Throughout the Christian Scriptures, the unifying message is that Christians become children of God. There is no call for us to be God’s friends. The writer can only work with what is there; and what is there are repeated references to the “children of God”, with not a single one to the “friends of God”. The challenge therefore is how to turn the “other sheep…friends” into sons while continuing to deny them the inheritance that accrues to sons. (Ro 8:14-17)
The writer attempts to meet this challenge by misrepresenting the father/son relationship as it pertains to Christians. Next, to avoid focusing on the outstanding way God’s love is given to us—as John explains—the writer focuses on four lesser ways: 1) By teaching us truth; 2) by counselling us; 3) by disciplining us; 4) by protecting us.
“Yet, your feelings about God’s love for you might be affected by your upbringing and background.” – par. 2
An ironic statement to be sure, since this is precisely what has happened to all of Jehovah’s Witnesses. I know that my upbringing and background as a Witness trained from infancy was that God’s love for me differed from the love he gave to “the anointed.” I accepted that I was a second class citizen. Still loved, yes, but not as a son; only as a friend.
When Is a Son, not a Son?
A bastard is an illegitimate child. Unwanted and rejected by his father, he is a son only in the biological sense. Then there are sons who have been disinherited, thrown out of the family; usually for conduct that disgraces the family name. Adam was such a son. He was disinherited, denied the everlasting life that is the divine right of all God’s children, angelic or human.
The writer of the article would have us overlook this fact and pretend we are still God’s children by the genetic inheritance that comes with having Adam, the only man created directly by God, as our biological father.
“In what ways, then, does Jehovah love us? The answer to that question lies in understanding the basic relationship between Jehovah God and us. Jehovah, of course, is the Creator of all humans. (Read Psalm 100:3-5) That is why the Bible calls Adam a “son of God,” and Jesus taught his followers to address God as “our Father in the heavens.” (Luke 3:38; Matt. 6:9) Being the Life-Giver, Jehovah is our Father; the relationship between him and us is that of a father to his children. Simply put, Jehovah loves us the way a devoted father loves his children. – par. 3
Psalm 100:3-5 is used to prove that “Jehovah, of course, is the Creator of all humans.” That is incorrect. This Psalm refers to the making of the nation of Israel, not humanity. That is plainly evident from its context. The fact is Jehovah created the first man from the dust of the ground. The first woman was developed by using the genetic material of the first man. All other humans have come by means of a process that God created. It is that process, known as procreation, by which you and I came to be. In this we are no different from the animals. To say that I am God’s son like Adam because Jehovah created me, means that Jehovah is continuing to create flawed, sinful humans. All of God’s works are good, but I am not good. Good for nothing, perhaps, but clearly not good. Therefore, God did not create me; I was not born as a son of God.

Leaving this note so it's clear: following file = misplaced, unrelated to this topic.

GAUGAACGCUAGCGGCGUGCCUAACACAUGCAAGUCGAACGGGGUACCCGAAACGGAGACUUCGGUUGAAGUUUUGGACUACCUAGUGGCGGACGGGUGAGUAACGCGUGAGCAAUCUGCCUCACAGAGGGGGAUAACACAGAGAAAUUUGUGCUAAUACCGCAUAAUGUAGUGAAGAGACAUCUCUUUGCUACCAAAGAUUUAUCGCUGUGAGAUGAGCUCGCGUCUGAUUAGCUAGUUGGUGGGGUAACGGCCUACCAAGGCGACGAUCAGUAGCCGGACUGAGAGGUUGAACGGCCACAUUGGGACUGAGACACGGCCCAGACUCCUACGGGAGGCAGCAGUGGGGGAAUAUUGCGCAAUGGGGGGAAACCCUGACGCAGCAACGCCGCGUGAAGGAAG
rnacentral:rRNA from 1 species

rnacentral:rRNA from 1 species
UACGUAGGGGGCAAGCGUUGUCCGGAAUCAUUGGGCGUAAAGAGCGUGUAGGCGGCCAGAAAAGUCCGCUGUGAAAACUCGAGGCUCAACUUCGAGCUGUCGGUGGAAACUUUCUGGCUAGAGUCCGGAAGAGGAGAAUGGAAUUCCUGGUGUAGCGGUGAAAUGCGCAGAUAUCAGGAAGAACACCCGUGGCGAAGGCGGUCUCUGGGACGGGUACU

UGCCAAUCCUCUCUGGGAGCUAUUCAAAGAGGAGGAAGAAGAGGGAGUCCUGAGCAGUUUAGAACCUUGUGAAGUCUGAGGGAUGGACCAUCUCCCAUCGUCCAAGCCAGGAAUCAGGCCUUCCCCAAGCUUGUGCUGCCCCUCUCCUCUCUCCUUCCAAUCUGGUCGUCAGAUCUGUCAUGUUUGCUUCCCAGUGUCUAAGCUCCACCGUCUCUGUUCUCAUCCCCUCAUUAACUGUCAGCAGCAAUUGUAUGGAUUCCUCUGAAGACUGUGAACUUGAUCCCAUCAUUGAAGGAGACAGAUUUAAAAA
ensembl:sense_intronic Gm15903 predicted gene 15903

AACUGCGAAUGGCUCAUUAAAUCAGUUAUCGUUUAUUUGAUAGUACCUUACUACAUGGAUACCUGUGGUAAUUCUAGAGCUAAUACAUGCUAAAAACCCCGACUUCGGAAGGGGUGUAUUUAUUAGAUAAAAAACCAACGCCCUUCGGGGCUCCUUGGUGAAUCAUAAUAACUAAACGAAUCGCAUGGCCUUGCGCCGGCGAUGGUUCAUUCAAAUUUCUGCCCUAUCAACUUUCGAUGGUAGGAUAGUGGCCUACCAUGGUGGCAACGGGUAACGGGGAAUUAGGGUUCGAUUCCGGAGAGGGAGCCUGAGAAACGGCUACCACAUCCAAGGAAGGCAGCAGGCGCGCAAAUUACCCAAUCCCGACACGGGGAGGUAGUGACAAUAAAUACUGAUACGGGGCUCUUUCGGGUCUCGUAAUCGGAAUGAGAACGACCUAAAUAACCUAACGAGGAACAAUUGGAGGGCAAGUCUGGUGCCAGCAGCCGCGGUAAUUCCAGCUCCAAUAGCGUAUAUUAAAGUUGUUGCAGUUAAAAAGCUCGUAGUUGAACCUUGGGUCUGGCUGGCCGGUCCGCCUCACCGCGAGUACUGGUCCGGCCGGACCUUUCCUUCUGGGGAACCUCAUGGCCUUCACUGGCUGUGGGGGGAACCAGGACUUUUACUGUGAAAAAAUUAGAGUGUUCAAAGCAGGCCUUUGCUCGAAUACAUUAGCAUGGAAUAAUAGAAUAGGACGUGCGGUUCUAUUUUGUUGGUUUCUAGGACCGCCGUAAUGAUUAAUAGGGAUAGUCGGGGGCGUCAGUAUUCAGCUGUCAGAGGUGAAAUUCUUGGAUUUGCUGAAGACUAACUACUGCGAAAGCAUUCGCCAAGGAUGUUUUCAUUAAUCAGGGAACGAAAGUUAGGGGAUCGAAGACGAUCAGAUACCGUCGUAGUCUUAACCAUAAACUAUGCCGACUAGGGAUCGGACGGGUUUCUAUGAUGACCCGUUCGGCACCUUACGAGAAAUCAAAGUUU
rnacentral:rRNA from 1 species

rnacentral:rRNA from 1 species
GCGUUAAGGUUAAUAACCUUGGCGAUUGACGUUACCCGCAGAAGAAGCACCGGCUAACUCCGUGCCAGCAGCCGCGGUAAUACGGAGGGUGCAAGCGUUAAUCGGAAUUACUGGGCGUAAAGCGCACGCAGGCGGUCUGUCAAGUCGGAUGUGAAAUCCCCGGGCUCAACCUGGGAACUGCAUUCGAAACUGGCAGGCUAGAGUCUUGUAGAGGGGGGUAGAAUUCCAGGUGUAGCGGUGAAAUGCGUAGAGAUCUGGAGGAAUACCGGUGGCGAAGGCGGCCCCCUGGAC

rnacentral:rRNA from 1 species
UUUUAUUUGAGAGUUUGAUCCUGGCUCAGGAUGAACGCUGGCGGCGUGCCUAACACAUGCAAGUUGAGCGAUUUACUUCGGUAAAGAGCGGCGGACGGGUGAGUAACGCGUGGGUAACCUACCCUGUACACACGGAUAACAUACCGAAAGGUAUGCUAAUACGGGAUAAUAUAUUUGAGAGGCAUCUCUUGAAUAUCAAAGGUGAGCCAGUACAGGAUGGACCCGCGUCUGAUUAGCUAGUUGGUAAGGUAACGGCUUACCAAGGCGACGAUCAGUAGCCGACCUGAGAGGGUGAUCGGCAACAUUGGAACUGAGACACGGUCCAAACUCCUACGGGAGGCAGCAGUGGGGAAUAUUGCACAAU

The argument that we are his children and he is our father based on the fact that he made Adam ignores several significant Bible truths, not least of which is that no human was conceived while Adam and Eve were still God’s children. Only after they were thrown out of the garden, disinherited, and separated from the family of God did the family of humankind come into being.
The writer would have us accept that Jesus’ words at Matthew 6:9 apply to us because God created Adam and we are Adam’s descendants. The writer would have us overlook the fact that everybody on earth is a descendant of Adam. By this logic, Jesus words apply to all humanity. Well then, if we are all his sons, why does Paul speak of being adopted?
“For YOU did not receive a spirit of slavery causing fear again, but YOU received a spirit of adoption as sons, by which spirit we cry out: “Abba, Father!” 16 The spirit itself bears witness with our spirit that we are God’s children.” (Ro 8:15, 16)
A father doesn’t adopt his own children. That’s just plain silly. He adopts those who are not his children, and through the adoption process, they become his children. As a result, they become his heirs.
“If, then, we are children, we are also heirs: heirs indeed of God, but joint heirs with Christ, provided we suffer together that we may also be glorified together.” (Ro 8:17)
This is what Jesus meant when he told his followers to pray, “Our Father in the heavens….” This type of Father/son relationship hadn’t existed till then. We do not find King David, or Solomon, or Abraham, Moses, or Daniel addressing Jehovah in prayer as Father. That only comes into being in the time of Christ.
Thus, I too was born as a spiritual orphan, fatherless and alienated from God. Only my faith in Jesus grants me the authority to be called a child of God, and only the holy spirit which comes by being born again has allowed me to be adopted back into God’s family. For me this realization came very late in life, but I’m thankful to the Father of tender mercies and comfort that he called me. This truly is the sort of love that God had given us. (John 1:12; 3:3; Ro 8:15; 2Co 1:3; 1 John 3:1)
Failing to Make the Point